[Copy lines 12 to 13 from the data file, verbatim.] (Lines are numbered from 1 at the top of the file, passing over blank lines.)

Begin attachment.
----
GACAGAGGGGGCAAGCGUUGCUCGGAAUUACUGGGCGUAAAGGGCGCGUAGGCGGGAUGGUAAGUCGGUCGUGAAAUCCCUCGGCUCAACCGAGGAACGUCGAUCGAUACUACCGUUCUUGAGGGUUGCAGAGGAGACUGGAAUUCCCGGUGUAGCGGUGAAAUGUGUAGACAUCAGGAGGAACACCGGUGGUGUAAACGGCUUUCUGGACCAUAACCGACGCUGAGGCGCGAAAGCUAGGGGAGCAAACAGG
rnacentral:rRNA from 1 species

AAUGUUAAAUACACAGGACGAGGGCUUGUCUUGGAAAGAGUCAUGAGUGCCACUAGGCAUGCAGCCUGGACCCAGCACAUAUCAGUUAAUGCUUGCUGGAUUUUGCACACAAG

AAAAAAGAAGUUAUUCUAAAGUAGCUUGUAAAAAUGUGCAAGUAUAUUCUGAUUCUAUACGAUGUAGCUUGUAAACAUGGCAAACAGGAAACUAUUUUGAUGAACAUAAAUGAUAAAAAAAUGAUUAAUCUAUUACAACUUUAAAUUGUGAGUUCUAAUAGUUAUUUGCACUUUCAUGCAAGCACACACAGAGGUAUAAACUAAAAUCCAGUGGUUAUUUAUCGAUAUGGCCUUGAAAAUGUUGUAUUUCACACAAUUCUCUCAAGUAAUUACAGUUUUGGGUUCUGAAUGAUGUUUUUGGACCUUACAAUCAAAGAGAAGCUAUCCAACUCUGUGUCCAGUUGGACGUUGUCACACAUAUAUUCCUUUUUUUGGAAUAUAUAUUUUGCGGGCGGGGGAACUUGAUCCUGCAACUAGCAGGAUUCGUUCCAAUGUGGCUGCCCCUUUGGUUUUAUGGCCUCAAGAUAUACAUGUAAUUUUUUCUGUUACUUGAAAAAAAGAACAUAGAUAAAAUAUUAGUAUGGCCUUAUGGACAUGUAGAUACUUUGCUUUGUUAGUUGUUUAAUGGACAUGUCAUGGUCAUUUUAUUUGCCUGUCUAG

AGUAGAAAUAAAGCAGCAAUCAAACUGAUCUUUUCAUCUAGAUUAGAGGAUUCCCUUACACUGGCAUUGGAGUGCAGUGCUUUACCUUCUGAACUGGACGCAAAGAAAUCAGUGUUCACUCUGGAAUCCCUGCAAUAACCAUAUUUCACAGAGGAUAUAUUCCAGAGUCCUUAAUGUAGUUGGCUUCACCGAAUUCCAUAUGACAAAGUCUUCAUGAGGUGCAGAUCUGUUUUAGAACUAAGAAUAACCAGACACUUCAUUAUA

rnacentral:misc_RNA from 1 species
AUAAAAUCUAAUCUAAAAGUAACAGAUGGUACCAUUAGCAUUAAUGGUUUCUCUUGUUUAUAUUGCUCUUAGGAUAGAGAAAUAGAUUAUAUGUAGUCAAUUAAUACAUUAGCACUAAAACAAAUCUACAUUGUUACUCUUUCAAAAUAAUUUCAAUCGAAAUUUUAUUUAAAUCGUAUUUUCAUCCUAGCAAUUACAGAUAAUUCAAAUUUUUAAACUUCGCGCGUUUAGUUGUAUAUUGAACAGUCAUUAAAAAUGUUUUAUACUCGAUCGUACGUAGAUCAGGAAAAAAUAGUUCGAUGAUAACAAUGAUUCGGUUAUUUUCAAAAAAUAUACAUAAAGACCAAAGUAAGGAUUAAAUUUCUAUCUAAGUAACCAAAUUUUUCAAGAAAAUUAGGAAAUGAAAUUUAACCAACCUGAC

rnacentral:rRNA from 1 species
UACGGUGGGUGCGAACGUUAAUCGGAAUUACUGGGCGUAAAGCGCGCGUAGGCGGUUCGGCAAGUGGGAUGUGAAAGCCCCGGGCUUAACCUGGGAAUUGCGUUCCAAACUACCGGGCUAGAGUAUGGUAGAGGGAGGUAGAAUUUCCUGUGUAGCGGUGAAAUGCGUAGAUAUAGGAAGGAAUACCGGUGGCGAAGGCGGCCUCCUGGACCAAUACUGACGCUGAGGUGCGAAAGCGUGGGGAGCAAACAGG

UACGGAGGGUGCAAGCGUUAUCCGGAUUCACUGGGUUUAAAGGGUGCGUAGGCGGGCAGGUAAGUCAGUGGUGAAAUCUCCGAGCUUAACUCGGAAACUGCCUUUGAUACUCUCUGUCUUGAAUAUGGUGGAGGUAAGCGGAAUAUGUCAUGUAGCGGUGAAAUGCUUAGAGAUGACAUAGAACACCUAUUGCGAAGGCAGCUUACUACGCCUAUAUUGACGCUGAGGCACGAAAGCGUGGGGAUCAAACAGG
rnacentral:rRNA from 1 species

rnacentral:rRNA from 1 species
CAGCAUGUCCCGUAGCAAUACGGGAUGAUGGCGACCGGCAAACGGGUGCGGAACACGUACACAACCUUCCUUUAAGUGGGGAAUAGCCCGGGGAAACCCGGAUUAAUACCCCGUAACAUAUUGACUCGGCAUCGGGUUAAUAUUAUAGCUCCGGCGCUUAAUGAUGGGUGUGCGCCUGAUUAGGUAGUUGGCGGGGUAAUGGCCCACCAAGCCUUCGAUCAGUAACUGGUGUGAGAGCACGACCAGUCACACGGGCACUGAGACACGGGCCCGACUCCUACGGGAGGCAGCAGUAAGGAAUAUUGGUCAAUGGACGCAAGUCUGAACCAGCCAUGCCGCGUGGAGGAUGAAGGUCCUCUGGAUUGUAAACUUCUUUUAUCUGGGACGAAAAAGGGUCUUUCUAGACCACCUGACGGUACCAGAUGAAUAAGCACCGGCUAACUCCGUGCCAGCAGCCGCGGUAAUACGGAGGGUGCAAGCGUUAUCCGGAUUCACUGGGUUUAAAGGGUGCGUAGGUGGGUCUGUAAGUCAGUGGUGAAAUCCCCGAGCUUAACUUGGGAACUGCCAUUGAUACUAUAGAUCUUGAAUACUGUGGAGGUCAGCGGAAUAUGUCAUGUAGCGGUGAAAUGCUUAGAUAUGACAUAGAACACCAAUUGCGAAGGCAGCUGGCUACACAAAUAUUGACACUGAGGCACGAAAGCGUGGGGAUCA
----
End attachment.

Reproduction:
rnacentral:rRNA from 1 species
CAGCAUGUCCCGUAGCAAUACGGGAUGAUGGCGACCGGCAAACGGGUGCGGAACACGUACACAACCUUCCUUUAAGUGGGGAAUAGCCCGGGGAAACCCGGAUUAAUACCCCGUAACAUAUUGACUCGGCAUCGGGUUAAUAUUAUAGCUCCGGCGCUUAAUGAUGGGUGUGCGCCUGAUUAGGUAGUUGGCGGGGUAAUGGCCCACCAAGCCUUCGAUCAGUAACUGGUGUGAGAGCACGACCAGUCACACGGGCACUGAGACACGGGCCCGACUCCUACGGGAGGCAGCAGUAAGGAAUAUUGGUCAAUGGACGCAAGUCUGAACCAGCCAUGCCGCGUGGAGGAUGAAGGUCCUCUGGAUUGUAAACUUCUUUUAUCUGGGACGAAAAAGGGUCUUUCUAGACCACCUGACGGUACCAGAUGAAUAAGCACCGGCUAACUCCGUGCCAGCAGCCGCGGUAAUACGGAGGGUGCAAGCGUUAUCCGGAUUCACUGGGUUUAAAGGGUGCGUAGGUGGGUCUGUAAGUCAGUGGUGAAAUCCCCGAGCUUAACUUGGGAACUGCCAUUGAUACUAUAGAUCUUGAAUACUGUGGAGGUCAGCGGAAUAUGUCAUGUAGCGGUGAAAUGCUUAGAUAUGACAUAGAACACCAAUUGCGAAGGCAGCUGGCUACACAAAUAUUGACACUGAGGCACGAAAGCGUGGGGAUCA